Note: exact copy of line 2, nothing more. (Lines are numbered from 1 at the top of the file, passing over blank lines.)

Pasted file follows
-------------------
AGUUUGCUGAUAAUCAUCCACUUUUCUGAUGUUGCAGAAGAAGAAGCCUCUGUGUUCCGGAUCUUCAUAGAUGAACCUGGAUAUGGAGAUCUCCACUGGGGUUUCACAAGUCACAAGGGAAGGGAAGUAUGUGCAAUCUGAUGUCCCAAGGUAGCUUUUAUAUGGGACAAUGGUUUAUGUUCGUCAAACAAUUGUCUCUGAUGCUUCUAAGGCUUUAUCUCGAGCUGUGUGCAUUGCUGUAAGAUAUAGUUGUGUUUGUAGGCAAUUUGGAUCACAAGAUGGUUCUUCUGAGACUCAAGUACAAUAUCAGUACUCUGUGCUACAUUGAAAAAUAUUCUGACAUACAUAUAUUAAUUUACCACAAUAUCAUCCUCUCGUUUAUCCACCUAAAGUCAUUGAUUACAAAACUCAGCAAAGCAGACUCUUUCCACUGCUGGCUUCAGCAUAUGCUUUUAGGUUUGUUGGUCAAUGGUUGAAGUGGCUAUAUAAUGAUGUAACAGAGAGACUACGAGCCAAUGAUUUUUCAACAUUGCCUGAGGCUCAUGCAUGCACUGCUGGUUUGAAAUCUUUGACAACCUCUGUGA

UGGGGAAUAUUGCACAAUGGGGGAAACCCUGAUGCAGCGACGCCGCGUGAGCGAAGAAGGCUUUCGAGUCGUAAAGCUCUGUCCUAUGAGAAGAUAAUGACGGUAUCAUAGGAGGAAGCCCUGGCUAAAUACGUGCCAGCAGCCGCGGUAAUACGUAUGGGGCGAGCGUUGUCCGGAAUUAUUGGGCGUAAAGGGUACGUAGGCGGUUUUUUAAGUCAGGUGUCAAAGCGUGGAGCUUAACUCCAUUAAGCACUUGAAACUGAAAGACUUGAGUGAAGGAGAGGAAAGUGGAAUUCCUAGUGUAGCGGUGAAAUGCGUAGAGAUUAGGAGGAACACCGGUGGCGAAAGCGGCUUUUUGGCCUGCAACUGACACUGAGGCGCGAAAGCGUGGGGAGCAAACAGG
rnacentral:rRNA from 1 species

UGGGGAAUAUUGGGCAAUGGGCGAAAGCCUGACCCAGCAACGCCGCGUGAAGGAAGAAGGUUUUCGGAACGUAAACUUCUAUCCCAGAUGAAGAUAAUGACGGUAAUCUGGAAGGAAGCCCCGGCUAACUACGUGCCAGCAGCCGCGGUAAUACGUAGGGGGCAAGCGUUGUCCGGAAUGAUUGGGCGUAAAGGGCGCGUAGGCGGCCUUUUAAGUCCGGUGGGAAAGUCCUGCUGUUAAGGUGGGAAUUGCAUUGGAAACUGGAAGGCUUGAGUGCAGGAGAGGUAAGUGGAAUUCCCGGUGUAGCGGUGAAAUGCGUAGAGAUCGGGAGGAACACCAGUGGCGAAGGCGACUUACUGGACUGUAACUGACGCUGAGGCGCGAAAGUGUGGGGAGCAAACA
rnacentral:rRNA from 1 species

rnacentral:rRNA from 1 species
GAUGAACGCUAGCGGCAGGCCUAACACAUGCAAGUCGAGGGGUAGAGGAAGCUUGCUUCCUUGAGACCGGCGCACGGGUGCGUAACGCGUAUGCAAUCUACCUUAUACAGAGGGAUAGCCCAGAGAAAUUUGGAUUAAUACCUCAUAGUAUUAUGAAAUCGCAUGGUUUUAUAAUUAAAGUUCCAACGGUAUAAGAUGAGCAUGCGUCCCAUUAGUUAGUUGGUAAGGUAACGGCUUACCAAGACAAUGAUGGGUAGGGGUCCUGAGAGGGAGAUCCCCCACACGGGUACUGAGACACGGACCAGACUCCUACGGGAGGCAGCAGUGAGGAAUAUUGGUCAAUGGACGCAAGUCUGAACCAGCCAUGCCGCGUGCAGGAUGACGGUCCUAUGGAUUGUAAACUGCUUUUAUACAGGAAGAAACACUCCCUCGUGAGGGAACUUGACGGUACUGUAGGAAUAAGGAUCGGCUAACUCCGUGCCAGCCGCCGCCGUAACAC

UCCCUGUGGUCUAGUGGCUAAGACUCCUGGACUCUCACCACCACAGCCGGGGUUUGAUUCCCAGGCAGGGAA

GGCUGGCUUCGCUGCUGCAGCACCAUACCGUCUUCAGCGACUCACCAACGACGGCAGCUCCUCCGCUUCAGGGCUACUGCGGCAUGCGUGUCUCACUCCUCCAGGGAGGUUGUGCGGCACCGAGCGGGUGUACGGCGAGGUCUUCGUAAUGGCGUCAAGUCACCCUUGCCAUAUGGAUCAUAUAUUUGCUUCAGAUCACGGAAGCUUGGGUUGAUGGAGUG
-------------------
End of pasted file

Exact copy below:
UGGGGAAUAUUGCACAAUGGGGGAAACCCUGAUGCAGCGACGCCGCGUGAGCGAAGAAGGCUUUCGAGUCGUAAAGCUCUGUCCUAUGAGAAGAUAAUGACGGUAUCAUAGGAGGAAGCCCUGGCUAAAUACGUGCCAGCAGCCGCGGUAAUACGUAUGGGGCGAGCGUUGUCCGGAAUUAUUGGGCGUAAAGGGUACGUAGGCGGUUUUUUAAGUCAGGUGUCAAAGCGUGGAGCUUAACUCCAUUAAGCACUUGAAACUGAAAGACUUGAGUGAAGGAGAGGAAAGUGGAAUUCCUAGUGUAGCGGUGAAAUGCGUAGAGAUUAGGAGGAACACCGGUGGCGAAAGCGGCUUUUUGGCCUGCAACUGACACUGAGGCGCGAAAGCGUGGGGAGCAAACAGG